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Saving lives through railroad traffic enforcement, education
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Track Facts and Tips

·         Railroad tracks, trestles, yards and equipment are private property. Walking or playing on them is not only dangerous, it's illegal. Trespassers can be arrested and fined - the ultimate penalty is death.

·         The ONLY legal, safe place to cross tracks is at designated pedestrian or roadway crossings. Observe and obey all warning signs and signals.

·         Do not walk, run, cycle or operate all terrain vehicles (ATVs) on railroad tracks, rights-of-way or through tunnels.

·         There are approximately 160,000 miles of track operated in the United States (source: Association of American Railroads, 2010).

·         Do not walk, jog, hunt, fish or bungee jump on railroad trestles. They are not designed to be sidewalks or pedestrian bridges; there is only enough clearance on the tracks for a train to pass.

·         Do not attempt to jump aboard railroad equipment at any time. A slip of the foot can cost you a limb, or your life.

·         Remember - rails and recreation do NOT mix. 

Courtesy Operation Lifesaver

With the goal of making the railroads in Turlock safer, Operation Lifesaver rolled into town Thursday to target railroad related traffic violations.

Operation Lifesaver is a network of volunteers and instructors conducting educational programs on rail safety. Additionally, local and railroad police departments coordinate enforcement efforts to reduce railroad collisions.

Thursday’s undertaking partnered the Turlock Police Department and the Union Pacific Police Department.

Union Pacific used a special train that traveled the length of the railroad tracks that traverse Turlock, while officers waited near crossings and watched for violations. The Operation Lifesaver train travels very slowly and is only a few cars long.  An officer will ride on the train and alert other officers via radio when violations occur. The most common violations are crossing under or around crossing arms and stopped on railroad tracks. The law requires vehicles stop at least seven feet away, even when there is no train coming.

During the three hour operation, the police department handed out 17 citations and made one arrest for driving on a suspended license, said Sgt. Nino Amirfar of the Turlock Police Department.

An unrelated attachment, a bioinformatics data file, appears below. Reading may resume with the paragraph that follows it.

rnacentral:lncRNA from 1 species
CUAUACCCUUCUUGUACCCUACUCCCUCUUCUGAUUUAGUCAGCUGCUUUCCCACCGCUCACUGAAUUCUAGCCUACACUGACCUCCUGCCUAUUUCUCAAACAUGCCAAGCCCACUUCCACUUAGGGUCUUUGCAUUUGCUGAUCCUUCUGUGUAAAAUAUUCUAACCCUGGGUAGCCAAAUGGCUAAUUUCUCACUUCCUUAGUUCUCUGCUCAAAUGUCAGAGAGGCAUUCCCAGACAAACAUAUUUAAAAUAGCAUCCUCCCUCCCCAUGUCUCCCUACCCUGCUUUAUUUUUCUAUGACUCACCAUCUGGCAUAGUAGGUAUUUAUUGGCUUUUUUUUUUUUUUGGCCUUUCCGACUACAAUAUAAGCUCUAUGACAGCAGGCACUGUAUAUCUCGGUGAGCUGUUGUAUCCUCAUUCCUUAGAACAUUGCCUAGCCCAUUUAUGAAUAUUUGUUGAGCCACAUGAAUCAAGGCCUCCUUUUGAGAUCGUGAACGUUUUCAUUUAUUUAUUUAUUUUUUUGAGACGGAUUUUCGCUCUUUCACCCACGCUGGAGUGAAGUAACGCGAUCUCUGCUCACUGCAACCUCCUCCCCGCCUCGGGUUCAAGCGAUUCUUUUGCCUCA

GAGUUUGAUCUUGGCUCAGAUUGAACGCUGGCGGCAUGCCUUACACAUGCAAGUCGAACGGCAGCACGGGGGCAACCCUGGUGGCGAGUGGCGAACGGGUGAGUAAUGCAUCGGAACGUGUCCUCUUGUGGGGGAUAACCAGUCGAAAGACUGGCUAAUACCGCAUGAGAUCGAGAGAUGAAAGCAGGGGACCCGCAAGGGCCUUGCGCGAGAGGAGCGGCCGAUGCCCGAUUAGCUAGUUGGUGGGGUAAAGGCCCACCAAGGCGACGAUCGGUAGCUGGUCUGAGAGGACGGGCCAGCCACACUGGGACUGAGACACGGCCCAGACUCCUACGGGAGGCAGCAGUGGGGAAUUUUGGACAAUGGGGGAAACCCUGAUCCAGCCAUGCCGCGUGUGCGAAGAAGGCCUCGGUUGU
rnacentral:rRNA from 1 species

Operation Lifesaver came to Turlock in part because of four fatalities that occurred in 2010 on the railroad tracks in Turlock. All but one of the fatalities were ruled suicides.

Nationwide, California recorded the highest number of trespassing fatalities with 57 in 2009, the latest year statistics were available from the Federal Railroad Administration. The state also led in highway-rail crossing fatalities and was second for highway-rail crossing collisions.

According to the Federal Railroad Administration, pedestrian versus train accidents are the number one cause of death in the railroad industry. Over the last decade train deaths involving pedestrians have fallen 6 percent, while train deaths involving vehicles have decreased by 42 percent, according to the FRA statistics.

The FRA doesn’t track how many of the deaths are suicides. Estimates put the number of train pedestrian suicides at 20 to 50 percent of the total incidents.

“People underestimate the danger level present on a railroad right of way,” said Union Pacific spokesman Aaron Hunt. “They misjudge the speed and think that because it’s hulky they’ll have plenty of time to get out of the way, but really, those trains are moving pretty quickly.”

A railroad right of way refers to the land on either side of a railroad track. It is private property that is owned by railroad companies and usually extends 25 to 50 feet on either side of the track. Anyone in that area without the railroad’s permission is considered a trespasser.


To contact Sabra Stafford, e-mail or call 634-9141 ext. 2002.